As we previously covered, there are a wide range of professional certification areas that accountants and finance experts can earn to make them more skilled and capable of performing in industry-specific career paths. These certifications help provide a higher and uniform level of training and education for all who work in the industry, providing both a standard level of knowledge for professionals and a more consistent experience for those who employ their services. Let’s take a look at four more common certification paths, their duties and how to earn these credentials.
Certified Fraud Examiners are highly trained professionals who are trailed to prevent fraudulent business practices within their own organizations or look for signs of improper activities as part of an audit or review of a company’s records. To earn this accreditation, candidates must first be members of the body that issues CFE certification – the Association of Certified Fraud Examiners. Afterwards, applicants need to submit an exam application with proof of their education and three professional references. After completing and passing the exam, individuals must also be approved by the ACFE’s certification committee. Find out more, including how to apply, on the AFCE website.
Now discontinued as an area of certification, the CFM, or Certified Financial Manager, program was administered by the IMA – Association for Accountants and Financial Professionals in Business. Despite it being discontinued at the end of 2007, many individuals still hold this certification – more than 4,000 according to IMA – and the organization maintains its active status list of CFMs for those looking to verify a person’s credentials. The four-part CFM test covered economics, management, corporate finance and other topic areas pertinent to performing financial management duties. In addition, CFMs must also remain members of the IMA and complete 30 hours of ongoing education annually to maintain their status. The organization offers more information and maintains an active list of CFMs on its website.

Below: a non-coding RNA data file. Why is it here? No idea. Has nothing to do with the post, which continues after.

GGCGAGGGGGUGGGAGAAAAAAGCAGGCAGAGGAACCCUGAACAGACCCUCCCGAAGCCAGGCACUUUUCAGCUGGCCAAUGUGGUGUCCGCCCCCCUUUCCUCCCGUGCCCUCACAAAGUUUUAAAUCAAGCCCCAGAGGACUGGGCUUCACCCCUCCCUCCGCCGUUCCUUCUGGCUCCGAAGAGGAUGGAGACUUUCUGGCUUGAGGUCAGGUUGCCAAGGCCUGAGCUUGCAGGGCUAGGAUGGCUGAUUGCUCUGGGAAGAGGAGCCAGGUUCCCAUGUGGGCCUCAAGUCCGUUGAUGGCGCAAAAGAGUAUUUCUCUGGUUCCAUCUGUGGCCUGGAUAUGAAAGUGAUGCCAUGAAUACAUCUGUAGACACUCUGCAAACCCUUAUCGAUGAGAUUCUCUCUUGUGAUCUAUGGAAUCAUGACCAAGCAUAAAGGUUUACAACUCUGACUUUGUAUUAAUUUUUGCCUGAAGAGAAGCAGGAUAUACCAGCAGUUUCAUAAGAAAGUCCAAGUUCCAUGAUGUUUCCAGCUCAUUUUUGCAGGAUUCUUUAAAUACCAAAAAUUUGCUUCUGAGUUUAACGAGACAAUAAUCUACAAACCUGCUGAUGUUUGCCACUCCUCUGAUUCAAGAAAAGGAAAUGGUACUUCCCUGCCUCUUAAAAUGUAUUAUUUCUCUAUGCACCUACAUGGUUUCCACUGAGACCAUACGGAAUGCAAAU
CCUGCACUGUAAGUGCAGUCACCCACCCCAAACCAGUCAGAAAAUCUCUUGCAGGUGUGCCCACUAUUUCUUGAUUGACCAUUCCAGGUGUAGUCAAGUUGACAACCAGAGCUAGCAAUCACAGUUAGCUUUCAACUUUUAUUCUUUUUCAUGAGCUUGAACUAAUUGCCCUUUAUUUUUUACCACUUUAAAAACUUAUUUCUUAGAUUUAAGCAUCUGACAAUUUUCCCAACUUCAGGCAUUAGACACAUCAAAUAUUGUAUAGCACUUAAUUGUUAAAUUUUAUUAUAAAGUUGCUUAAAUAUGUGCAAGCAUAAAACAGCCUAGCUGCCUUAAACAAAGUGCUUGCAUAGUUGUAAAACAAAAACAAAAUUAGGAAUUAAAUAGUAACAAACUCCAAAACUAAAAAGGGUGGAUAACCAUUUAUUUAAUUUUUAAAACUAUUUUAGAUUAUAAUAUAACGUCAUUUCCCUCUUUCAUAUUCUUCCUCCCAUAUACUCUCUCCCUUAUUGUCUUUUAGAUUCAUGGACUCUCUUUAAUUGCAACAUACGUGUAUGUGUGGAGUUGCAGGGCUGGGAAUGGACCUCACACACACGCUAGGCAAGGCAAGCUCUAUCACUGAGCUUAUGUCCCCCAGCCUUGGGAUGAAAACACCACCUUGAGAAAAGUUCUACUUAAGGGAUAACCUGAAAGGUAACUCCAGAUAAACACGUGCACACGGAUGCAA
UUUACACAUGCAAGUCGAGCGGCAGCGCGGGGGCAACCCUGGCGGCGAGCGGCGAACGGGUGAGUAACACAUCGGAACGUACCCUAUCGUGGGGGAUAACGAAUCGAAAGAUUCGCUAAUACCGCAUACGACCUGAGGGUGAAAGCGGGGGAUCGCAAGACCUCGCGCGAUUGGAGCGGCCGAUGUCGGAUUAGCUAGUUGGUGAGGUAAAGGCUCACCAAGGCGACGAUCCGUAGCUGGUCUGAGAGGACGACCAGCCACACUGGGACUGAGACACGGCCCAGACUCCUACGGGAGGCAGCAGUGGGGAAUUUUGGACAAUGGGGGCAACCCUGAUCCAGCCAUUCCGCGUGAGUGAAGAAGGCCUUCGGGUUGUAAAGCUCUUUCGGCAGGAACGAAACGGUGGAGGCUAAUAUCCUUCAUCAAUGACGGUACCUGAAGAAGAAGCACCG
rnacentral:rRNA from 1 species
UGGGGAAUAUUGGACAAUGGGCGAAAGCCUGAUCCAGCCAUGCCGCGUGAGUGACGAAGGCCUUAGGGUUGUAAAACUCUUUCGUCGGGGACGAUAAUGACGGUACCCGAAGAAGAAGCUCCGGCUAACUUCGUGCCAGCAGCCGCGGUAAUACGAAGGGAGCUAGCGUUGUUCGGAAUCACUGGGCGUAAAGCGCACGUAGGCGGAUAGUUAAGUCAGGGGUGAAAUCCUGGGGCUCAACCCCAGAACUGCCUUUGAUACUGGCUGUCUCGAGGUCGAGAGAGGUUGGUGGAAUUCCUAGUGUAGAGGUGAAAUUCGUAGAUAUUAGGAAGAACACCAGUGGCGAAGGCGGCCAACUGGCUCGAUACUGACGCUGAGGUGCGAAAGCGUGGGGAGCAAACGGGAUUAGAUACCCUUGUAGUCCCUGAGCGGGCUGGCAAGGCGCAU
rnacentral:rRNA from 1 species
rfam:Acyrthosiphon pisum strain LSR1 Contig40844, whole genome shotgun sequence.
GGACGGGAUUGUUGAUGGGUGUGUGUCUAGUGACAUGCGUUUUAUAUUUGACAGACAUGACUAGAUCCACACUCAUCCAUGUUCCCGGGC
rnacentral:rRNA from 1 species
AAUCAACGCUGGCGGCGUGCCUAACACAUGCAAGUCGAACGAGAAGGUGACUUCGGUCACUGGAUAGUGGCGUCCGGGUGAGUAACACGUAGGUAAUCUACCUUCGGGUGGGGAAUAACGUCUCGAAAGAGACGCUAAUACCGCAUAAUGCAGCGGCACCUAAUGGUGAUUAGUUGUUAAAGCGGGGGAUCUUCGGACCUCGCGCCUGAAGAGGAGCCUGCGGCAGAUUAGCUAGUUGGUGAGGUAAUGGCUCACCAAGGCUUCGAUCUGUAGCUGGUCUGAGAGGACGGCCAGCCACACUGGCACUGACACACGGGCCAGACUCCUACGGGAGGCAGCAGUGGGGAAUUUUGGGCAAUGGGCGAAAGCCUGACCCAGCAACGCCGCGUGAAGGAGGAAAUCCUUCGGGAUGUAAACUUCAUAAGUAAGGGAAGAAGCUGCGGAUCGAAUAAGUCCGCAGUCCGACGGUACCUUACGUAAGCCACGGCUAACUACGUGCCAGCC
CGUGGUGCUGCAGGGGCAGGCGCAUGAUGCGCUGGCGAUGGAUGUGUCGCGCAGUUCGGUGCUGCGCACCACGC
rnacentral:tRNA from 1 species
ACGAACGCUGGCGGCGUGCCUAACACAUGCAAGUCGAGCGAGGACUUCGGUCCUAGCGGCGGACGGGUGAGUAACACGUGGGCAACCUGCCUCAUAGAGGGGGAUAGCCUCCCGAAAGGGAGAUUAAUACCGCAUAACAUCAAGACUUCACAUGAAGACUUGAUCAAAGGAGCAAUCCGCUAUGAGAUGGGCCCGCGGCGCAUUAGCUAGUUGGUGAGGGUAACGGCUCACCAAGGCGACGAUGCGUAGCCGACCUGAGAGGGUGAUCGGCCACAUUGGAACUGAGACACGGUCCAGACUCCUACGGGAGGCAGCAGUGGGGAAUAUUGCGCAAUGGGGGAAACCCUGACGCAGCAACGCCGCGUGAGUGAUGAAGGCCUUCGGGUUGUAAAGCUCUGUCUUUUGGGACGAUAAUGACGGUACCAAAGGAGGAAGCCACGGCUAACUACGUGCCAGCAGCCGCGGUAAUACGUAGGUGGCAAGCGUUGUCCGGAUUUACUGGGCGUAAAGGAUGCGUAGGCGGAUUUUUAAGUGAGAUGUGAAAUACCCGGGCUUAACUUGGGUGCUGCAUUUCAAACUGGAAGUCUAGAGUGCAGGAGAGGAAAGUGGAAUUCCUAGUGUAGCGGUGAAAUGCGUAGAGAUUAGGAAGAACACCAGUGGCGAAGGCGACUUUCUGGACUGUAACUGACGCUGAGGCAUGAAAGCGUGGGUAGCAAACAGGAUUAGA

CMA certification is the successor to IMA’s CFM program, and is recognized around the world. CMAs – Certified Management Accountants – work in many of the same fields as CFMs, managing the financial operations of public and private organizations, including nonprofits, educational institutions and multinational corporations. Testing for the exam takes eight total hours, and is open to IMA members who have enrolled in the CMA program. The test is given in two parts – the first covering financial reporting, planning, performance and control, while the second assesses financial decision-making skills. Applicants must take the first exam portion within the first year of participation in the CMA program, and finish testing by the end of their third year. Find out more about the entire CMA program on IMA’s website.
Certified Internal Auditors earn the CIA designation following their certification. The designation with the most interesting acronym, these individuals work within organizations to perform thorough reviews of financial operations to ensure that all of an organization or company’s records are accurate, balanced and in order. The certification is offered through The Institute of Internal Auditors, and testing is offered worldwide in 17 languages. CIAs must also complete 40 hours of continuing professional education yearly to retain their certification. Offered for more than 40 years, this certification is often a way for auditors to further their careers and their skills while highlighting their own abilities and professionalism. More information on the CIA testing process is available on The IIA’s website.
At CSS, we can help your business find qualified and certified candidates to join your accounting team or assist individuals in their search for a new career opportunity. Contact us today to find out more!